There are also some things that I will be doing a bit different this time, or focus on more:

Be part of it

The thing about the Ludum Dare that makes it so interesting and fun to participate in, is the fact that you are doing it with thousands of people worldwide. This is what differentiates it from just spending a random week coding on a prototype. I usually leave quill18’s stream open during the Ludum Dare. He actually got me into using Unity and can be considered my example when it comes to Ludum Dares. I also like checking out news posts on the Ludum Dare website to see what ideas other people came up with. And then there’s of course the rating of the games afterwards.

This year I’ll be expanding on this a bit. I am hoping that with my new and improved sound quality I can keep a few people interested in my stream if I decide to livestream my work. I also am going to hang around in the IRC chat a bit more. Finally, a friend of mine will also be participating (check out his Twitter here for pretty pictures), so we will probably end up having a few nice chats about our games and hopefully resolving some issues in the process. Talking to somebody when you’re stuck can really help you to get going again. Even just nodding and ‘hm’-ing already helps a lot, because it’s all about speaking your thoughts out loud.

Stay healthy

A game jam, 48 hours of no-life game development to finish a game. That is a way of looking at the Ludum Dare, but I don’t think it’s the most productive one. First of all: the Monday after works starts again. Second of all: it’s not going to give the best results. Going to sleep in time is going to help you a lot more than the extra few hours of work. As I said before: it’s all about getting the core of the game right, and you need your wits to do so. It’s not about the hours of polishing you put in. A good concept for a Ludum Dare game can be easily implemented in the two days without impairing your sleep pattern (too much).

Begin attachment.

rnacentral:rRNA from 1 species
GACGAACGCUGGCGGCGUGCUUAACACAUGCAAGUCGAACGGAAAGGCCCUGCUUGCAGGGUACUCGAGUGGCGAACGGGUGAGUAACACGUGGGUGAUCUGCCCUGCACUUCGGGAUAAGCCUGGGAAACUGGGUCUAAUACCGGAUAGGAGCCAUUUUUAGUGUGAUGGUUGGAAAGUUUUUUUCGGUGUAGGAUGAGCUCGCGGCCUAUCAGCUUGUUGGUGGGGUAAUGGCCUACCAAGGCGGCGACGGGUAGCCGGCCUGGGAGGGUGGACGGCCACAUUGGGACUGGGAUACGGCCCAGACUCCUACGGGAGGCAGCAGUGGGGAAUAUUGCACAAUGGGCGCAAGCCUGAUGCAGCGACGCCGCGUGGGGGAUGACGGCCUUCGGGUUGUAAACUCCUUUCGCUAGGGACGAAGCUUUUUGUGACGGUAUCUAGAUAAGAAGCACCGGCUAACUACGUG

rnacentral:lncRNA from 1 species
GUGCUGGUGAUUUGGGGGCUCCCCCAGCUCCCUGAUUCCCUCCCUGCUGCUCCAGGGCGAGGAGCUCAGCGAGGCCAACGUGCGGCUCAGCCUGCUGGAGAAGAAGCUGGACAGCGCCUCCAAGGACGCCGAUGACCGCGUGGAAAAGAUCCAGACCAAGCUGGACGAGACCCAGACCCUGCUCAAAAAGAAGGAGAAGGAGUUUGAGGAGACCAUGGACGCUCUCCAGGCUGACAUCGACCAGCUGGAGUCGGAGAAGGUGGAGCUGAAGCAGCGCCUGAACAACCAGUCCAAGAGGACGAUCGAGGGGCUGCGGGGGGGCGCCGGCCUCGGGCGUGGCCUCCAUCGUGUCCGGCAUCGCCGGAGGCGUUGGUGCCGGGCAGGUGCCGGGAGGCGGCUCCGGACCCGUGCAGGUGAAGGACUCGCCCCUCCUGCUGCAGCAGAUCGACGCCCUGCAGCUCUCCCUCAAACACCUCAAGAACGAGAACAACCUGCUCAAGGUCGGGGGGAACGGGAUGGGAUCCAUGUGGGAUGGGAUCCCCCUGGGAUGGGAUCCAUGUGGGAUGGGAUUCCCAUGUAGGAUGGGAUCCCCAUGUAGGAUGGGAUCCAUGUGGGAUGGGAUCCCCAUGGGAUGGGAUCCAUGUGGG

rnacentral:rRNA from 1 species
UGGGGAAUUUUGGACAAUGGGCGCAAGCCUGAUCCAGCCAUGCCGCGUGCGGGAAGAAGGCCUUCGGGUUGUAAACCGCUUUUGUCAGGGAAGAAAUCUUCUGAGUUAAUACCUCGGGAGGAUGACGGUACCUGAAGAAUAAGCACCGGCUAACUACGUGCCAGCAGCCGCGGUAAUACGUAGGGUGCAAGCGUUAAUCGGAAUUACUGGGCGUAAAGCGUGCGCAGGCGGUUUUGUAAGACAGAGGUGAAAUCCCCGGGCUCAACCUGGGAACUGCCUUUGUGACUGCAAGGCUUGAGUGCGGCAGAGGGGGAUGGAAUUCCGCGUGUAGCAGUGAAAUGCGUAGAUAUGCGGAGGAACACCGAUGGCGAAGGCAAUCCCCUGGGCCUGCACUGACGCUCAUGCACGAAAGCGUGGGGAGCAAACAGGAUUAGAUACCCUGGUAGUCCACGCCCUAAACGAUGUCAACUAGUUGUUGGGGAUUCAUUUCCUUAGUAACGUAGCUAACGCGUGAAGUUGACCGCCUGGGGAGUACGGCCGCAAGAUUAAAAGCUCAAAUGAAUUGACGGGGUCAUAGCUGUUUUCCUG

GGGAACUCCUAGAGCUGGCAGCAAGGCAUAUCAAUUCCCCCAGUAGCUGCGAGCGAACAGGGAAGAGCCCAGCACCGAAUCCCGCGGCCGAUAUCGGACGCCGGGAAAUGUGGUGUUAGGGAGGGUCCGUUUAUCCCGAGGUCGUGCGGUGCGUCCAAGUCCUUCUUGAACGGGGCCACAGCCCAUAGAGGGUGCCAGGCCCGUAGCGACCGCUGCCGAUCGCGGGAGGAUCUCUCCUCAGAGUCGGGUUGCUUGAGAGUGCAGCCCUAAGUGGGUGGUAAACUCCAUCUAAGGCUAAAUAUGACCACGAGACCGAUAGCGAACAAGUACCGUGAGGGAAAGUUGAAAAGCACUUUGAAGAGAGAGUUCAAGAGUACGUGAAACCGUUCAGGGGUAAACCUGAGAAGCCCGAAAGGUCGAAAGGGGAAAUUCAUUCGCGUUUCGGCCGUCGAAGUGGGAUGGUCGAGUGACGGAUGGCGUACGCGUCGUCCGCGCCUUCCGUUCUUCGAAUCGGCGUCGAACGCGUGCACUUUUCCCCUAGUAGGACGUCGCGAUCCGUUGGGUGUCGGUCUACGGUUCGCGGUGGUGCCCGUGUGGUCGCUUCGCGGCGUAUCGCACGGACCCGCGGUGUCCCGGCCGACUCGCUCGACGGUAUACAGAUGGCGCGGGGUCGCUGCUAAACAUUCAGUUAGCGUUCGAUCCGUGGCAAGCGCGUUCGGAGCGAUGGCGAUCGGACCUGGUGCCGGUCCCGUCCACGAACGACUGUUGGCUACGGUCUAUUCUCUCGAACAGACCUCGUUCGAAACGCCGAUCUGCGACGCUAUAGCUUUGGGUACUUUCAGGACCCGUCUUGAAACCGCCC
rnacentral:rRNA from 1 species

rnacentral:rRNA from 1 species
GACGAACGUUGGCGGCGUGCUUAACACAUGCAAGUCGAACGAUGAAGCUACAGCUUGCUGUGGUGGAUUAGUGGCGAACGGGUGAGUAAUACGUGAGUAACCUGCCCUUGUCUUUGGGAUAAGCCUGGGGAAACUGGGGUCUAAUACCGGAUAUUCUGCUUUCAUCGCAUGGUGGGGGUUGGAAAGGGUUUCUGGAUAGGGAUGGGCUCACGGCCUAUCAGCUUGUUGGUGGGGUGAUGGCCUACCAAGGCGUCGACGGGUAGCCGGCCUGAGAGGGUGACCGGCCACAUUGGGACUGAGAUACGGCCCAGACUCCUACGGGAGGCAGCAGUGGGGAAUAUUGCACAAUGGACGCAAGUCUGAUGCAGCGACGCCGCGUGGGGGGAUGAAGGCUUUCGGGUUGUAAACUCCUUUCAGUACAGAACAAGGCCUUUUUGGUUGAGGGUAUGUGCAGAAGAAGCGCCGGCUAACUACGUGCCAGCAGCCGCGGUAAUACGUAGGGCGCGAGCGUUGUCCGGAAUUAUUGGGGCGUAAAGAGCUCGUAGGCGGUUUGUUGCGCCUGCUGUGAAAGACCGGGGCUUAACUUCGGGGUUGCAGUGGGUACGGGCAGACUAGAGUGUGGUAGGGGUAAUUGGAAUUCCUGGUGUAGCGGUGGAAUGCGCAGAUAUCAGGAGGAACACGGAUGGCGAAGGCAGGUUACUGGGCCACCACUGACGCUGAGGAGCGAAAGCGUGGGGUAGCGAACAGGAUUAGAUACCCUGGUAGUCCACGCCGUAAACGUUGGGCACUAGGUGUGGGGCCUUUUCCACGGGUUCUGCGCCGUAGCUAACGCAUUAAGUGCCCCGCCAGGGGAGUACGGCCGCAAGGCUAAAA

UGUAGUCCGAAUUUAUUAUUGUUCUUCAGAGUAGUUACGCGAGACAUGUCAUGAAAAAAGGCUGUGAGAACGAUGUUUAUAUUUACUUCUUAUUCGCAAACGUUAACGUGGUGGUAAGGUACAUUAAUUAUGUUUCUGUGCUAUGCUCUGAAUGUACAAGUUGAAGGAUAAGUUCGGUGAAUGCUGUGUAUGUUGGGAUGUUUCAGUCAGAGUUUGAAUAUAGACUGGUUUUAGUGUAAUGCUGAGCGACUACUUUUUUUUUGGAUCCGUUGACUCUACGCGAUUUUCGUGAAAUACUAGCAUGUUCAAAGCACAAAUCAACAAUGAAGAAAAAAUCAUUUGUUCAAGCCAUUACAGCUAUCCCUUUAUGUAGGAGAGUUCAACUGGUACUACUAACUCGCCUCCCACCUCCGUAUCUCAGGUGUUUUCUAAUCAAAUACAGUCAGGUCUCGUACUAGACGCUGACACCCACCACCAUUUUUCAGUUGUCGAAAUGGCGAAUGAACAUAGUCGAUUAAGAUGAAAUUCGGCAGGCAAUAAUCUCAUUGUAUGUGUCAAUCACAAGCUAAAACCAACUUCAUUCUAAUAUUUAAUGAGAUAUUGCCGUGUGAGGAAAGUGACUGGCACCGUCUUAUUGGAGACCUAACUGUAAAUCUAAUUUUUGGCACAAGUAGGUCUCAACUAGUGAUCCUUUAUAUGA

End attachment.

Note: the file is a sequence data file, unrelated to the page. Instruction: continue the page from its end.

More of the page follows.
I am used to having my own food at home, and I like to plan ahead because I am too lazy to go to the grocery store too often, so I made sure that I have enough food at home to get me through the weekend. No, not just snacks, but also enough fruit and vegetables. Of course, having food delivered still is a viable option to (1) save you time and (2) still eat healthy.

Finally – and most importantly – I will be taking a more severe approach to breaks. I find it really easy to work on something for a long period straight, but I end up getting more tired more quickly, both physically (eyes, wrist) and mentally. This time around I will be very strict and take a short five minute break every hour. I will also try to go out for a short walk at least once a day. Hopefully this will keep me more refreshed throughout the weekend and give me some cool game at the end.

Well, so far the story on how I prepare for this Ludum Dare. I think game jams are a lot of fun, but I also see them as important learning experience. That is why I take the time to evaluate each time I participate, and why I am setting some goals for myself this time around.

I wrote this so other people can learn from my mistakes as well. While I don’t think I am telling anything that hasn’t been found out before, I hope you find it at least interesting to read my personal experience with the Ludum Dare. Stay tuned for pretty pictures of my entry, and don’t forget to check out my Twitter @tomrijnbeek for the latest updates.